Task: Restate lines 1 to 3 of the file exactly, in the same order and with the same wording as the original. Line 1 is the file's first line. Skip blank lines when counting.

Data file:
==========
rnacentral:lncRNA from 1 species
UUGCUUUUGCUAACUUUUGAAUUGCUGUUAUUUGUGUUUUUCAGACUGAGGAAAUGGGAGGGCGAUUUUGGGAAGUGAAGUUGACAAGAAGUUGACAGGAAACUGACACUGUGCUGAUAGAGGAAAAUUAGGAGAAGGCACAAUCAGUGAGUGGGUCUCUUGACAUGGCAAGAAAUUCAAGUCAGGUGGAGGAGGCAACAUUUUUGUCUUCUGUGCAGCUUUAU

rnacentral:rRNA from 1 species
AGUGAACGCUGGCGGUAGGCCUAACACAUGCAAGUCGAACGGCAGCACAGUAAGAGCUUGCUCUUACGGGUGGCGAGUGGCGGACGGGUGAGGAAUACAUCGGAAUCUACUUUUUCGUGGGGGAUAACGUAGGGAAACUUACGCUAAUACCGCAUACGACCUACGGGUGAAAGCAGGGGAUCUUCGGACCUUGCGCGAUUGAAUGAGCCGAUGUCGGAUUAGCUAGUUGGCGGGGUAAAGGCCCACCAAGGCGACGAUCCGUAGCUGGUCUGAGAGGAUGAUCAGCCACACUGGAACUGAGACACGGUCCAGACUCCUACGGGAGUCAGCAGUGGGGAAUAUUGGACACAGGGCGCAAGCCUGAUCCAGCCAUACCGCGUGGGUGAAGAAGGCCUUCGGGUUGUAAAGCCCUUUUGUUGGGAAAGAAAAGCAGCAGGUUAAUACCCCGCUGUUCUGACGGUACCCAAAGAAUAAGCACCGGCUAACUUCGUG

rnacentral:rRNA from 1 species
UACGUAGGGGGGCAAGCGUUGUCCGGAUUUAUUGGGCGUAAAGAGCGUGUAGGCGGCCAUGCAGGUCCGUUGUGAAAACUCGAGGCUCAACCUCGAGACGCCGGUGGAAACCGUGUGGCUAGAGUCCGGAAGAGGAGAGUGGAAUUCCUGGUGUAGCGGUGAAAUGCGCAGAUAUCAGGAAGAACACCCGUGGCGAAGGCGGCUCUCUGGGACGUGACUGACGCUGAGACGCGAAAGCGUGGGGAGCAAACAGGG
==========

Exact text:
rnacentral:lncRNA from 1 species
UUGCUUUUGCUAACUUUUGAAUUGCUGUUAUUUGUGUUUUUCAGACUGAGGAAAUGGGAGGGCGAUUUUGGGAAGUGAAGUUGACAAGAAGUUGACAGGAAACUGACACUGUGCUGAUAGAGGAAAAUUAGGAGAAGGCACAAUCAGUGAGUGGGUCUCUUGACAUGGCAAGAAAUUCAAGUCAGGUGGAGGAGGCAACAUUUUUGUCUUCUGUGCAGCUUUAU

rnacentral:rRNA from 1 species